Advantages and Disadvantages of Butterfly Valve

A Butterfly valve is part of the quarter-turn valve family of valves. It works by rotating the disc a quarter turn and entirely opening or closing itself. Its main purpose is to control the flow of fluid through a pipe portion.

Butterfly valves are designed to give entire flow with a high level of control efficiency. Butterfly valves are unable to accomplish positive shut-off. Butterfly valves with bubble-tight sealing have recently been developed thanks to the use of new polymers and higher temperature ratings.

Working Principle

The functioning mechanism of a butterfly valve is based on a flat, round plate that is positioned in the middle of the pipe. A rod is threaded through the plate and connected to an actuator on the valve’s exterior. When the butterfly valve actuator is rotated, the plate is turned either parallel or at right angles to the flow. Unlike a ball valve, the plate is always available inside the flow, causing a pressure drop in the flow regardless of the valve’s position.

A butterfly valve is a metal disc that is clasped on a rod. When the valve is closed, the disc rotates to completely block the route. When the valve is fully open, the disc is quarter rotated to allow the fluid to flow freely. A quarter turn of the actuator rotates the disc from 0A to 90A degrees, shutting down or starting a butterfly valve. On the basis of size and use, the actuators used on butterfly valves varies. There are several types of butterfly valves available, each of which is capable of managing a wide range of pressures and uses.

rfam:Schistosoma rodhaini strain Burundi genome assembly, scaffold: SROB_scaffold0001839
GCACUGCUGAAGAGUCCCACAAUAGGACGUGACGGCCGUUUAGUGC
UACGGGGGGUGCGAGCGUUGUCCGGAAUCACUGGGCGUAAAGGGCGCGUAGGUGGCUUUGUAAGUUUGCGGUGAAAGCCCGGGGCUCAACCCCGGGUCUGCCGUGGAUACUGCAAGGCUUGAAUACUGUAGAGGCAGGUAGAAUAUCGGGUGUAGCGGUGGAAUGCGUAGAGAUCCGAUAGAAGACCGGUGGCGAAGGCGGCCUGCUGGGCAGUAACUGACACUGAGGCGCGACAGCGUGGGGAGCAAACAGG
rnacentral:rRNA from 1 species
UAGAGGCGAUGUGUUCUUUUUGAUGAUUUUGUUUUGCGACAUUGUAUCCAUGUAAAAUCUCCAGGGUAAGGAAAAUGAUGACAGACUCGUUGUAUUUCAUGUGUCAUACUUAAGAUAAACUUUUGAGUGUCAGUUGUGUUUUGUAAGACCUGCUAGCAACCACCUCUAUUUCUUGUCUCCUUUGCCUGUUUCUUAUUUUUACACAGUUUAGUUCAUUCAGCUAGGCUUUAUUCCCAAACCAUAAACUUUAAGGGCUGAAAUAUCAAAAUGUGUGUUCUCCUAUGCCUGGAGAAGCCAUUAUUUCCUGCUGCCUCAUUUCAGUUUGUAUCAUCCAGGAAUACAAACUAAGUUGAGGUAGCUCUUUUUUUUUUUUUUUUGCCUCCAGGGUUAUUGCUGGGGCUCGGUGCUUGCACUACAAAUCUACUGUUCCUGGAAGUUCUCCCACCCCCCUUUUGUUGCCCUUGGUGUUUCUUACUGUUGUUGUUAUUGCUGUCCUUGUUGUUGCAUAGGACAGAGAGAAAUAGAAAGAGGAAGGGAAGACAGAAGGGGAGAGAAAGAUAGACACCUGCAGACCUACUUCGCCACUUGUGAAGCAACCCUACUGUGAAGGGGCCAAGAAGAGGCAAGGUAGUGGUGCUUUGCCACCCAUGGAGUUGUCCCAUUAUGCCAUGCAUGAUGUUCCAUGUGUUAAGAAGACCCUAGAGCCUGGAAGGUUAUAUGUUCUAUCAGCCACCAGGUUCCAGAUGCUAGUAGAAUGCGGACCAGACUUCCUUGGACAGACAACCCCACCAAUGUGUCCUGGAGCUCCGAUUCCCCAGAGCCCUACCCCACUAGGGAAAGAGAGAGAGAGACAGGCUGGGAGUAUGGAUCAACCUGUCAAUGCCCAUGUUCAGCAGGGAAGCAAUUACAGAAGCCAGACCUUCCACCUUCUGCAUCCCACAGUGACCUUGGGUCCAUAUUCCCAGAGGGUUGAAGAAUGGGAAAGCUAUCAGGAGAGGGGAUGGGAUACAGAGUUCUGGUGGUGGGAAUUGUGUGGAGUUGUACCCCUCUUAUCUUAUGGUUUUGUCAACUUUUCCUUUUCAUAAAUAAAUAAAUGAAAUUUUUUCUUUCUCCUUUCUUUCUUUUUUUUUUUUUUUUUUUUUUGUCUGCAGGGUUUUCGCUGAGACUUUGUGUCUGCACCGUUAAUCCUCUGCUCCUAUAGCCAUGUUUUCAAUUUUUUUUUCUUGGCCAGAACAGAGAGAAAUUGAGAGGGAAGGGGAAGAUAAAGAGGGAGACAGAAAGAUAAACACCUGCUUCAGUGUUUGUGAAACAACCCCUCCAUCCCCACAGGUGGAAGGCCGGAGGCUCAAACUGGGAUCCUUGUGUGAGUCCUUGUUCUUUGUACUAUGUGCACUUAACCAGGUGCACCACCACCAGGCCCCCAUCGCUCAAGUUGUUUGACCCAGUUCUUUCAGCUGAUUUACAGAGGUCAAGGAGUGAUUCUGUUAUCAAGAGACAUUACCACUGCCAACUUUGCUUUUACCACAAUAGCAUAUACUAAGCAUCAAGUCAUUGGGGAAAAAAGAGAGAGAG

•          Zero offset Butterfly valve.

•          Triple Eccentric Butterfly valve.

•          Double Eccentric Butterfly valve.

•          Metal Seated Butterfly valve.

Advantages :

  • It has a built-in basic and economical design with fewer parts, making it maintenance friendly and easy to fix.
  • Its wafer-form lightweight body makes it cost-effective in terms of the valve’s initial pricing as well as installation costs in terms of in-person hours and pipe requirements.
  • It can transport muck with only a small amount of fluid left in the pipeline exit.
  • They seal well at low pressure and are simple to open and close.
  • When compared to a ball, its disc is rather light.
  • A butterfly valve requires far less structural support than a ball valve of the same diameter.


  • Even when fully opened, a portion of the disc constantly faces the flow. Regardless of the setting, the functioning of a butterfly valve always results in a pressure switch over the valve.
  • It performs poorly in terms of sealing.
  • Butterfly valves are only used for throttling in low-pressure drop systems.
  • When butterfly valves fail, there’s a risk of cavitation and clogged flow.


In automobile systems, butterfly valves are commonly employed. The butterfly valve in an automobile carburetor, for example, can be detected. As a result, the valve is utilised to control the air flow to the car’s engine. It can partially open and close to adjust the quantity of air that flows through it.

Because of its easy throttling capabilities and suitable pressure restrictions, butterfly valves are commonly used in firefighting pipes and tubes. Corrosive and abrasive services are additional common applications for these valves. They’re also employed in high-temperature, high-pressure water and steam facilities. Butterfly valves are also required for vacuum service, cooling, and circulating water systems.

Additionally, some of its varieties, such as Triple Offset, are utilised in the oil, gas, petrochemical, power, chemical, and maritime industries. Valves can also be utilised for a modulating or on-off system.

Butterfly valves’ widespread use in industrial applications can be attributed in part to features such as quarter-turn operation, tight shut-off, and others. Its application in industrial fluid systems has also been boosted by new component materials and designs.


Butterfly valves are useful in pipelines because they assist control water flow. They are capable of stopping or starting any fluid flow, as well as altering the amount of flow. Some valves are better for corrosive systems, while others are better for high-pressure fluids. What are your thoughts on the matter? How can you make sure your valves are in good working order?

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